HOLOCAUST MEMORIAL DAY

From 17 January until 11 February 2005 a special exhibition to mark Holocaust Memorial Day will be on show in the Dunlop Room.I Never Saw Another Butterfly will feature drawings and writings by children caught up in the horrors of Europe in the 1930s and 1940s.

NORMAN BURGESS

22 February 1922 — 21 October 2004

We regret to report the death of Norman Burgess, a keen HADAS member who, amongst many other interests, dedicated his life to preserving the historical aspects of Finchley and district. Although Norman only joined HADAS relatively recently, he and his wife Betty took a keen interest in all our activities ties and were with us on our outing to Greensted Saxon Church and Colchester only a few weeks ago. Unfortunately Norman suffered a minor stroke at the beginning of October and died peacefully in Barnet Hospital three weeks later as a result of complications.

Norman was born and educated in Finchley and spent his life as a teacher and school principal. He was an energetic member and archivist of the Finchley Society and led the editorial committee for Finchley Remembered, a book of residents' memories published with much success in 2002. He was also the driving force behind the establishment of the Stephens Collection, the museum in Avenue House dedicated to the work and achievements of ink magnate Henry Stephens, who bequeathed 'Venue House to the people of Finchley in 1918. From its inception in 1993, Norman was Chairman of the Collection management committee and its principal fundraiser well known throughout the Borough for his talks about the Stephens family

Our sympathy goes out to his wife Betty three children and four grandchildren. A memorial service held at Ballards Lane Methodist Church on October 28 was attended by several hundred people and followed by a gathering of friends and family at Avenue House.                                               Stewart Wild


MARIE PICKERING

We send our condolences to our Vice-Chairman Peter Pickering fol­lowing the death of his wife Marie. Since her retirement Marie had been coming on HADAS outings and to Christmas dinners. Her quiet, friendly presence will be missed by all her friends in the Society.

DOROTHY AT THE PALACE My investiture at Buckingham Palace on 3 November; accompa­nied by Jack, Christopher and Marion went without a hitch ­except that both the Queen and Prince Charles were unavoidably absent and the Princess Royal stepped into the breach.

On arrival all recipients are given their instructions and then you arc on your own. However because of my failing eyesight, 1 was allocated my own footman to guide me throughout. He was a smasher and treated me like a queen!

It occurs to me that 1 am the fourth member of HADAS to receive the M.B.E., all of them connected with archaeology.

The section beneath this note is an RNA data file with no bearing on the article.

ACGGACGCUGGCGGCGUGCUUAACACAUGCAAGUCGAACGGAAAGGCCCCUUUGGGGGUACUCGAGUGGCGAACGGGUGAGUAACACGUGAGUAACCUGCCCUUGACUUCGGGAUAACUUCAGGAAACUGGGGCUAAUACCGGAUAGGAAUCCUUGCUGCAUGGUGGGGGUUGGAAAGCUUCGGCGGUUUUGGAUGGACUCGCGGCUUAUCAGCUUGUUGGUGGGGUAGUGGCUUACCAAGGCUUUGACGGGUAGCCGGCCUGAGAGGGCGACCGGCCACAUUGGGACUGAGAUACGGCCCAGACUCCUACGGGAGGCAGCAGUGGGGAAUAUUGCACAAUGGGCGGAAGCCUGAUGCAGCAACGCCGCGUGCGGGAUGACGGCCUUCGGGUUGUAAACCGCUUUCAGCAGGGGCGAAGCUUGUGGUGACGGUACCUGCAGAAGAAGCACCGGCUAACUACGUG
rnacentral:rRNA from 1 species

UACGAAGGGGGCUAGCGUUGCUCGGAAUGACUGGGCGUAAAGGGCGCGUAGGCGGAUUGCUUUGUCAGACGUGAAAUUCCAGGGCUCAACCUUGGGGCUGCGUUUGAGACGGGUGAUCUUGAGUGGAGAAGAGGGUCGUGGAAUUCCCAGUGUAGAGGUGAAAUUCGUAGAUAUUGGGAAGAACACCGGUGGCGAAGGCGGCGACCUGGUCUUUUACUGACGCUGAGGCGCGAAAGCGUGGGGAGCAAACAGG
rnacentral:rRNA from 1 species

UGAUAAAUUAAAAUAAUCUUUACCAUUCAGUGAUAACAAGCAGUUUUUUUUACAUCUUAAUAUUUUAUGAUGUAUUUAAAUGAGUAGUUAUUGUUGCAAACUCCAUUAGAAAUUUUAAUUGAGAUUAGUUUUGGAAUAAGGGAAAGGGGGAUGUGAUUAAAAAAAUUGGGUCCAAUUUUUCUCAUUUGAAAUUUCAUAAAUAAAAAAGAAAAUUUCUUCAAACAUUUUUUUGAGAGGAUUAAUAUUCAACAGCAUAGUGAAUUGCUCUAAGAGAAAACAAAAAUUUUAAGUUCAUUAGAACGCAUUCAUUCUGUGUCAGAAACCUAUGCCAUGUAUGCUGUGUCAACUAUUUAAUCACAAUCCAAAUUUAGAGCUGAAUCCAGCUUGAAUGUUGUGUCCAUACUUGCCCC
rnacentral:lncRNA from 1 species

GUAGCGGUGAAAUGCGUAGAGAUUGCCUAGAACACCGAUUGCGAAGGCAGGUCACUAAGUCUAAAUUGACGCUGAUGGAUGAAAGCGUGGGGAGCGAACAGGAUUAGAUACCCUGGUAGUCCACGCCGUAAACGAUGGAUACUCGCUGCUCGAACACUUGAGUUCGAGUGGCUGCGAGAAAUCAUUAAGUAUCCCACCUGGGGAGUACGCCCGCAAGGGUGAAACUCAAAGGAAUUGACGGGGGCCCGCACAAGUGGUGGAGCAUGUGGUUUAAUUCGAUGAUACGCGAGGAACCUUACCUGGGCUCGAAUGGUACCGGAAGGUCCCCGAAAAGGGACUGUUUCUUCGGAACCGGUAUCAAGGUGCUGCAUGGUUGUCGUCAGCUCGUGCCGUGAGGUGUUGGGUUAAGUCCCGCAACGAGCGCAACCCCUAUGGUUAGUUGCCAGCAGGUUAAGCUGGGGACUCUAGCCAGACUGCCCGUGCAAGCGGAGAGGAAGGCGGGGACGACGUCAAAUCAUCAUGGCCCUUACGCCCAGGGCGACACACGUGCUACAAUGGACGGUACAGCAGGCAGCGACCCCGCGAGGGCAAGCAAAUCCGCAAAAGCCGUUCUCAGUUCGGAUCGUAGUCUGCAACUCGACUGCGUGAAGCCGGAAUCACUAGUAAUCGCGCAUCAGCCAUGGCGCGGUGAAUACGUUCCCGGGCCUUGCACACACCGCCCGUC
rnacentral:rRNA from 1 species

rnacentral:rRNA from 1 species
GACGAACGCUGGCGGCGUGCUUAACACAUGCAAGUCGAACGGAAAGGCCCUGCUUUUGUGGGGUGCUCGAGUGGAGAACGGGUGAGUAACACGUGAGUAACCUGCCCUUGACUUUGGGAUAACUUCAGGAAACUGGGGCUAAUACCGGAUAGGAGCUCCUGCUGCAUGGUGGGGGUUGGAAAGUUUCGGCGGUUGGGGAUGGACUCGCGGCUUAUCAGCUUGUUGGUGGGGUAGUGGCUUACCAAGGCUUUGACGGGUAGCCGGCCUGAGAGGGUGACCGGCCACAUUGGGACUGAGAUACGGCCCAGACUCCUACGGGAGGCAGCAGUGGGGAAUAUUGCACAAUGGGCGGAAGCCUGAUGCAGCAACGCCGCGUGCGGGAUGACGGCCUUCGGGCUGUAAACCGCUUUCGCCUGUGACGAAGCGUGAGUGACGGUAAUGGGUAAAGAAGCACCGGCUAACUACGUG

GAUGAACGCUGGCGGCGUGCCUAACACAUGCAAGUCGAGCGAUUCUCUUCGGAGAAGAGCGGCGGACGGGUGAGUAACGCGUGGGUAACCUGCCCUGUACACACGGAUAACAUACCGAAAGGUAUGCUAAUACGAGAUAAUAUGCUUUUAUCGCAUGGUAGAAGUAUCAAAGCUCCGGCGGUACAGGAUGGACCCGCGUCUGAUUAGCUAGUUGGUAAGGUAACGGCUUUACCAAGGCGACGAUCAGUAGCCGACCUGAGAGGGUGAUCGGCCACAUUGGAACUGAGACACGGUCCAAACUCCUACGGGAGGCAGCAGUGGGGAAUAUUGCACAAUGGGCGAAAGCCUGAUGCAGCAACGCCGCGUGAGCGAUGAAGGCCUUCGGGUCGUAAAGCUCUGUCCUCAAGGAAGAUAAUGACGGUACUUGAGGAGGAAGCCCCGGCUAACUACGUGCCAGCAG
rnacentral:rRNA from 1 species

Daphne Lorimer received her award for servces to archaeology in Scotland. Members will remember that she was our guide and hostess on HADAS visits to Orkney

Ann Saunders, our recent President for two years received her M.B.E. for services to history.

Ann Kahn, whose earliest interest was archaeology; actually received her award for services to yachting. Ann is one of our regular Newsletter editors.

Is this a record for a small society' like ours? Are there any other mem­bers who have been honoured?

Dorothy Newbury

MEDIEVAL SURGERY

Detailed analysis of the skull of a 40-year-old man from the cemetery at the deserted medieval village of Wharram Percy has revealed sophis­ticated Anglo-Saxon cranial surgery. Evidence of trepanning to remove depressed bone fragments has been found. The patient survived, lived for many more years and died of other causes. (From: The Times 6/10/04)


 

LOCAL HISTORY AND THE FUTURE

Archivist Hugh Petrie introduces "The Free to View Internet"

Only eighteen months ago it could have been argued that the Internet was no place for the serious local history researcher However, in the last few months a number of digitisation projects (the putting images of old documents, pictures, and maps, on to computers) have just come "on line" including the Ordnance Survey County Series and Clive Smith' Memories postcard collection, as well as a number of irregular collections, such as: Corbis, Frith, British Pathe, the pie ture collection of the Guildhall in London. By simply filling in a box with an appropriate place name, and waiting a minute or two, the image appears before us (albeit with a watermark to preserve copyright).

In the old days we would have had to visit various institutions and companies, spent a morning consulting their lists, filling in slips to order the material in from the back, and then paying for a copy to be made. Even if the collections themselves have not been put on the Internet, many of their lists have. For example A2A, quite literally Access to Archives, substantially lists the collections of many archives in the country (including Barnet Archives). This enables the user to search all these lists at once, and even if the material is not fully transcribed it is still of benefit when it is found. Who would think that Coventry City Archives had records pertaining to the manor of Hendon for example.